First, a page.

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  6.  79
    Permissive Rationality and Sensitivity.Benjamin Anders Levinstein - 2017 - Philosophy and Phenomenological Research 94 (2):342-370.
    Permissivism about rationality is the view that there is sometimes more than one rational response to a given body of evidence. In this paper I discuss the relationship between permissivism, deference to rationality, and peer disagreement. I begin by arguing that—contrary to popular opinion—permissivism supports at least a moderate version of conciliationism. I then formulate a worry for permissivism. I show that, given a plausible principle of rational deference, permissive rationality seems to become unstable and to collapse into unique rationality. (...)
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  7. Permissivism and the Arbitrariness Objection.Robert Mark Simpson - 2017 - Episteme 14 (4):519-538.
    Permissivism says that for some propositions and bodies of evidence, there is more than one rationally permissible doxastic attitude that can be taken towards that proposition given the evidence. Some critics of this view argue that it condones, as rationally acceptable, sets of attitudes that manifest an untenable kind of arbitrariness. I begin by providing a new and more detailed explication of what this alleged arbitrariness consists in. I then explain why Miriam Schoenfield’s prima facie promising attempt to answer the (...)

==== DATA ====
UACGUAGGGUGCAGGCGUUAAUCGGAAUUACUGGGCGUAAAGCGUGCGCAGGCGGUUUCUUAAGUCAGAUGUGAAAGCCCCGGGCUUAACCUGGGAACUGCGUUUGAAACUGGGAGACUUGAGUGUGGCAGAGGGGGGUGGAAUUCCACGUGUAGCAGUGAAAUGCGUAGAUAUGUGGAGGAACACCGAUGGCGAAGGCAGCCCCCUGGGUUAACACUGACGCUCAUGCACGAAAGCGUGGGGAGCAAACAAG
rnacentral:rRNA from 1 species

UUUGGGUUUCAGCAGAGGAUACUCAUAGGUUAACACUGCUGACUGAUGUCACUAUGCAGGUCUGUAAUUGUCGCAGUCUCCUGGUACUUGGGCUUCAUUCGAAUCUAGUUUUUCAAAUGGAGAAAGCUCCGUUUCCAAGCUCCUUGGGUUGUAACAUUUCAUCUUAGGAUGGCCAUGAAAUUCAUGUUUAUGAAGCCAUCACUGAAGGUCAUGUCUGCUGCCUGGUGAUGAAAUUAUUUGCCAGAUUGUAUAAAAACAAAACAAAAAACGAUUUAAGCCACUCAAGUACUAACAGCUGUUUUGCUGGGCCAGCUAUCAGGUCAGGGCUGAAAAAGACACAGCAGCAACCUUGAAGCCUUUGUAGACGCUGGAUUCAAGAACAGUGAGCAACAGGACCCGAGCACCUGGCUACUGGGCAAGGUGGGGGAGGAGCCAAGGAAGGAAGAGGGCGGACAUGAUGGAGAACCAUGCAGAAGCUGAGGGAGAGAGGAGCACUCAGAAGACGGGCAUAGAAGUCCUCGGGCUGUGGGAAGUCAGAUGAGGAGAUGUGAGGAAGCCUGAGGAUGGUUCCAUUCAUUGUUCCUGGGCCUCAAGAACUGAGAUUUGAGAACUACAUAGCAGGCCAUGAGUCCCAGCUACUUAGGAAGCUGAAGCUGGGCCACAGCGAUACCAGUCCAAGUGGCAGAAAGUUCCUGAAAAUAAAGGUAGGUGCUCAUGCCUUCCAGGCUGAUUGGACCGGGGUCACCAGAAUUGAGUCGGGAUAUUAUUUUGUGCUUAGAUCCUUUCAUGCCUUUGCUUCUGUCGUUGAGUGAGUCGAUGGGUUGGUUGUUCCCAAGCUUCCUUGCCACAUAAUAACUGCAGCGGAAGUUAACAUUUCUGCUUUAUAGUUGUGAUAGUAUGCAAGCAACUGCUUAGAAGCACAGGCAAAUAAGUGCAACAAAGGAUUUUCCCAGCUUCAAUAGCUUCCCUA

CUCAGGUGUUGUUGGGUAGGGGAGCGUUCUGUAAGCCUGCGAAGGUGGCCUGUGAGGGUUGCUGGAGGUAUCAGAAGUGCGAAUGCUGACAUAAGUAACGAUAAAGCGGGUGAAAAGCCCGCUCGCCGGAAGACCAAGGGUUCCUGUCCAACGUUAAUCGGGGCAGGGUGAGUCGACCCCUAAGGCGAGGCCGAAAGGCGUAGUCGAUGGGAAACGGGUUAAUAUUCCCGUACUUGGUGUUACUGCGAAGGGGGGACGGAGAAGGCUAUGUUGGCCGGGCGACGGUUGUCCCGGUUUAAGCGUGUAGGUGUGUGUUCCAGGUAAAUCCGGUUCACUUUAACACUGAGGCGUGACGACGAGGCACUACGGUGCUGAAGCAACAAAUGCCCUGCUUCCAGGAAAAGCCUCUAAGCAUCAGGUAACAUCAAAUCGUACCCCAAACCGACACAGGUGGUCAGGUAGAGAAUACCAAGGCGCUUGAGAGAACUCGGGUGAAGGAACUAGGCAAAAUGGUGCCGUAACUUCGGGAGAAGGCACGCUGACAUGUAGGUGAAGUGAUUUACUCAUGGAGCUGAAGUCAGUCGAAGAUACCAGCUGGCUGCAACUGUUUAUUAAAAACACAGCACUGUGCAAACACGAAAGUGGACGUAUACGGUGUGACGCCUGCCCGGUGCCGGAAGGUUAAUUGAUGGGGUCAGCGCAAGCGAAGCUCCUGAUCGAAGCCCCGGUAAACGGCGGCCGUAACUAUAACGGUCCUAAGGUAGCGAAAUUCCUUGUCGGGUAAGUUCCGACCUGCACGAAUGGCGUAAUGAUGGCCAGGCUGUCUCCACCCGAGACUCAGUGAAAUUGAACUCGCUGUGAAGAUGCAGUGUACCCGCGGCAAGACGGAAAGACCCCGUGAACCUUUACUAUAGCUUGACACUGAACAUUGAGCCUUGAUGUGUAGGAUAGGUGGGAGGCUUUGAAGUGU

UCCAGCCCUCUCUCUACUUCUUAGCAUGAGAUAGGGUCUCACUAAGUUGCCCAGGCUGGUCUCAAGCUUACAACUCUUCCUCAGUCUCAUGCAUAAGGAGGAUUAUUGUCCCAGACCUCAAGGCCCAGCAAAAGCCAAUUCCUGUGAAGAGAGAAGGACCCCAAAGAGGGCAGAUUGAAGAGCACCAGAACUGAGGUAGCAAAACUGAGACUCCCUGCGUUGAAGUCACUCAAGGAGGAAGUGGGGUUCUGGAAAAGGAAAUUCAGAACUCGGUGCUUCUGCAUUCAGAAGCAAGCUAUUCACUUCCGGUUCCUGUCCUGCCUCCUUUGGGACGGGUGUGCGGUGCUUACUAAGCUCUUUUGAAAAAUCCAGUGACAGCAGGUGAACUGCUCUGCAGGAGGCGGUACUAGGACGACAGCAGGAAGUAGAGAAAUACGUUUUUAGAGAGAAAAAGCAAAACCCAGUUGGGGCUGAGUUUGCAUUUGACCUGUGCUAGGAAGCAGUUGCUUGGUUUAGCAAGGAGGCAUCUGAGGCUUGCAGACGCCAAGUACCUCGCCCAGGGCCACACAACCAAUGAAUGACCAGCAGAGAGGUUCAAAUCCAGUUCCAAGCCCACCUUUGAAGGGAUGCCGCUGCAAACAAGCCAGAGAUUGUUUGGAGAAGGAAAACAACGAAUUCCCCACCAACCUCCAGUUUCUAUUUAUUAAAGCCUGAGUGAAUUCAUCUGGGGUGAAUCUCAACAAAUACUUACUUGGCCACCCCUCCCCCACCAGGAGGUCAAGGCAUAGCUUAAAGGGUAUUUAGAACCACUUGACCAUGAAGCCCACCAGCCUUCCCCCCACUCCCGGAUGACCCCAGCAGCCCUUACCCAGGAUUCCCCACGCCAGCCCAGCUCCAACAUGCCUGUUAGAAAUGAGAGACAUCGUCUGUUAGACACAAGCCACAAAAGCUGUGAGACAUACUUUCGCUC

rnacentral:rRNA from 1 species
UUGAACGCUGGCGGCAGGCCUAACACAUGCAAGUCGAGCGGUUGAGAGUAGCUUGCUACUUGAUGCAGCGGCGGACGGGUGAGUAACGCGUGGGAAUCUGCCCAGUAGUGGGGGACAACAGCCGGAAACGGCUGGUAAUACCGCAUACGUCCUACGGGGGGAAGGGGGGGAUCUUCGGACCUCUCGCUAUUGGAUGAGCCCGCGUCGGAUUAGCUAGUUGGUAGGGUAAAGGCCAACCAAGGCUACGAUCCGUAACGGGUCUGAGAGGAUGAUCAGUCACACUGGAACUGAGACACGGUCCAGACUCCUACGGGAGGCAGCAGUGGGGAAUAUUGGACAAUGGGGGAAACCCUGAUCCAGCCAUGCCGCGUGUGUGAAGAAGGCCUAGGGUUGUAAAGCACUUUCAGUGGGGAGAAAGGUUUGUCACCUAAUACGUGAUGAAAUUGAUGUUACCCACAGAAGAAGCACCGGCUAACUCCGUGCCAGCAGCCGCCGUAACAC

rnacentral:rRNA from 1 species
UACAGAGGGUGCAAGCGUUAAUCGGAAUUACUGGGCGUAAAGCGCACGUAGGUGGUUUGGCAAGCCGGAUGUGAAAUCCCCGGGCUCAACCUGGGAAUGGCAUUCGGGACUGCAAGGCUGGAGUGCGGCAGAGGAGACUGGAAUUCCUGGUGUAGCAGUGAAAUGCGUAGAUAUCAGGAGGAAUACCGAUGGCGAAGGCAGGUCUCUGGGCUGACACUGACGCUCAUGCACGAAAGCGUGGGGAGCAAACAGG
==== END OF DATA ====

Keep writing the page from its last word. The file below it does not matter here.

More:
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  8. Conciliation, Uniqueness and Rational Toxicity.David Christensen - 2016 - Noûs 50 (3):584-603.
    Conciliationism holds that disagreement of apparent epistemic peers often substantially undermines rational confidence in our opinions. Uniqueness principles say that there is at most one maximally rational doxastic response to any given batch of total evidence. The two views are often thought to be tightly connected. This paper distinguishes two ways of motivating conciliationism, and two ways that conciliationism may be undermined by permissive accounts of rationality. It shows how conciliationism can flourish under certain strongly permissive accounts of rationality. This (...)
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  9. The Uniqueness Thesis.Matthew Kopec & Michael G. Titelbaum - 2016 - Philosophy Compass 11 (4):189-200.
    The Uniqueness Thesis holds, roughly speaking, that there is a unique rational response to any particular body of evidence. We first sketch some varieties of Uniqueness that appear in the literature. We then discuss some popular views that conflict with Uniqueness and others that require Uniqueness to be true. We then examine some arguments that have been presented in its favor and discuss why permissivists find them unconvincing. Last, we present some purported counterexamples that have been raised against Uniqueness and (...)
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  10. A Counterexample to the Uniqueness Thesis.Matthew Kopec - 2015 - Philosophia 43 (2):403-409.